a light source;
a stage on which the member to be inspected is placed;
a light receiving unit receiving the light effected by the member to be inspected; and
an analyzing unit analyzing the mura defect in accordance with the light effected detected by the light receiving unit,
wherein the apparatus is calibrated so that a detection sensitivity is ascertained or calibrated by detecting plural pseudo mura defects of the mura defect inspection mask according to claim 1.
4. The apparatus for inspecting the mura defect according to claim 3, wherein the member to be inspected is an image device, or a photomask for producing the image device.
5. A method of inspecting the mura defect in which the mura defect occurring in a repetitive pattern of a member to be inspected is inspected, the repetitive pattern having a large number of unit patterns that are regularly arranged, the method comprising the steps of:
irradiating light onto the member to be inspected;
receiving effected light from the member to be inspected; and
inspecting the mura defect of the repetition patter on the member to be inspected using an apparatus for inspecting a mura defect,
wherein the apparatus for inspecting the mura defect comprises:
a light source;
a stage on which the member to be inspected is placed;
a light receiving unit receiving the light effected by the member to be inspected; and
an analyzing unit analyzing the mura defect in accordance with the light effected detected by the light receiving unit,
wherein the apparatus is calibrated so that detection sensitivity is ascertained or calibrated by detecting plural pseudo mura defects of a mura defect inspection mask, the mura defect inspection mask comprising:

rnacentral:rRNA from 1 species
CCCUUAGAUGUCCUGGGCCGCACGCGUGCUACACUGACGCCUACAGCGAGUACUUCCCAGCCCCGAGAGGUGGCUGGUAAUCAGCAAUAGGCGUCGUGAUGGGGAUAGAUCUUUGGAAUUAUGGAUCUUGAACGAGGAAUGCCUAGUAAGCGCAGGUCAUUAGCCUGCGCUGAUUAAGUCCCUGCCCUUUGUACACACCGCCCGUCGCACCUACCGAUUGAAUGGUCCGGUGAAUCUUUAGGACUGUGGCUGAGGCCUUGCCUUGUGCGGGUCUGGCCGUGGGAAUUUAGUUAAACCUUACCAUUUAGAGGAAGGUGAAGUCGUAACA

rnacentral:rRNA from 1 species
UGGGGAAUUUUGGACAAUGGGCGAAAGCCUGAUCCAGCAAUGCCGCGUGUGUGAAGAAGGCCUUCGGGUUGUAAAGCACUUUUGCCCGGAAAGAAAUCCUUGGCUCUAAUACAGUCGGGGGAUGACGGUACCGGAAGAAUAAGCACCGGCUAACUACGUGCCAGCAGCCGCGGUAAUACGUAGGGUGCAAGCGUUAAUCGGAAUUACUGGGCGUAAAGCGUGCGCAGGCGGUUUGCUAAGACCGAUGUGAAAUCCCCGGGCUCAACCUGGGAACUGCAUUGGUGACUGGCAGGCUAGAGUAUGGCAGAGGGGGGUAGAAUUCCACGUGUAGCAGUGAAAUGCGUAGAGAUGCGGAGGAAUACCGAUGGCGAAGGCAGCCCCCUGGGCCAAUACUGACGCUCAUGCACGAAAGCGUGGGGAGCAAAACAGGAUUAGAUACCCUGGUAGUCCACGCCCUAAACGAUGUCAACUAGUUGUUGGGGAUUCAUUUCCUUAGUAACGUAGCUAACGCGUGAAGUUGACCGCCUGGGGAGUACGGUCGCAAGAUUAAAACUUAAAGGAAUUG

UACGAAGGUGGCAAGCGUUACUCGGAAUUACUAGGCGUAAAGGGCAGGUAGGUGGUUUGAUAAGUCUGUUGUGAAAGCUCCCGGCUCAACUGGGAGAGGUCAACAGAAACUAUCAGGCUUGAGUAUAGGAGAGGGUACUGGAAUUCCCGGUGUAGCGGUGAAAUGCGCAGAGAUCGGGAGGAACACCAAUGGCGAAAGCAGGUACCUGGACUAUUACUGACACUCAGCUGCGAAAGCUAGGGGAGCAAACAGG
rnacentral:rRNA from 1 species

a transparent substrate; and
an opaque film formed on the substrate,
wherein plural repetitive patterns are formed by the opaque film on the substrate, each of the repetitive patterns having plural pseudo mura defects to which intensities of mura defects occurring in a predetermined repetitive pattern are allocated with being stepwise changed, for respective kinds of the mura defects.
6. The method of inspecting the mura defect according to claim 5, wherein the member to be inspected is an image device, or a photomask for producing the image device.
7. The method of inspecting the mura defect according to claim 5, wherein the method is used for manufacturing a photomask having a predetermined opaque film pattern on a transparent substrate,
wherein the opaque film pattern is configured by a repetitive pattern in which a large number of unit patterns are regularly arranged.
Description

The present invention claims foreign priority to Japanese patent application no. P.2004-159765, filed on May 28, 2004, the contents of which is incorporated herein by reference.

BACKGROUND OF THE INVENTION

1. Field of the Invention